Phagocytes Transport Alum Particles to the Lymphoid Organs and then to the Brain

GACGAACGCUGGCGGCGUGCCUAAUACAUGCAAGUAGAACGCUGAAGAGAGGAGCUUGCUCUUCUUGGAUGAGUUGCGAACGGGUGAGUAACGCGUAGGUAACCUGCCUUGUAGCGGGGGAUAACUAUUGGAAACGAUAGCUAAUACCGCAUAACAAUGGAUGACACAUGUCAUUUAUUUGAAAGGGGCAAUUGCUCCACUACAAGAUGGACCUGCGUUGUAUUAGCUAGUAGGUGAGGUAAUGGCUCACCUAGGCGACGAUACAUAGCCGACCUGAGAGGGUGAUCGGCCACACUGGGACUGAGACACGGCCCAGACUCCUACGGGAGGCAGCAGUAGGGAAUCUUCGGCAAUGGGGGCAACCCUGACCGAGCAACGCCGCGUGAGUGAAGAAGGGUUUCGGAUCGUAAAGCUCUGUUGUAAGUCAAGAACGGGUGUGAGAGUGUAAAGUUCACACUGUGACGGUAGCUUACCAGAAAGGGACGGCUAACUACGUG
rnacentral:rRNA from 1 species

The conceptual link between long-term persistence of alum particles within macrophages at the site of previous immunization, and the occurrence of adverse systemic events, in particular neurological ones, has long remained an unsolved question. Aluminum has long been identified as a neurotoxic metal, affecting memory, cognition and psychomotor control, altering neurotransmission and synaptic activity, damaging the blood–brain barrier (BBB), exerting pro-oxidant effects, activating microglia and neuroinflammation, depressing the cerebral glucose metabolism and mitochondrial functions, interfering with transcriptional activity, and promoting beta-amyloid and neurofilament aggregation (56). In addition, alum particles impact the immune system through their adjuvant effect and by many other means. They adsorb vaccine antigens on their surface, which protect them from proteolysis thus forming a persistently immunogenic pseudo-pathogen (57). Alum particles may also bind undesirable residual products inherent to vaccine production procedures, as shown for HPV DNA sequences (58) or yeast proteins (59) that may be potentially hazardous (60). Finally, alum particles can directly induce allergy (61, 62) as other metals (63).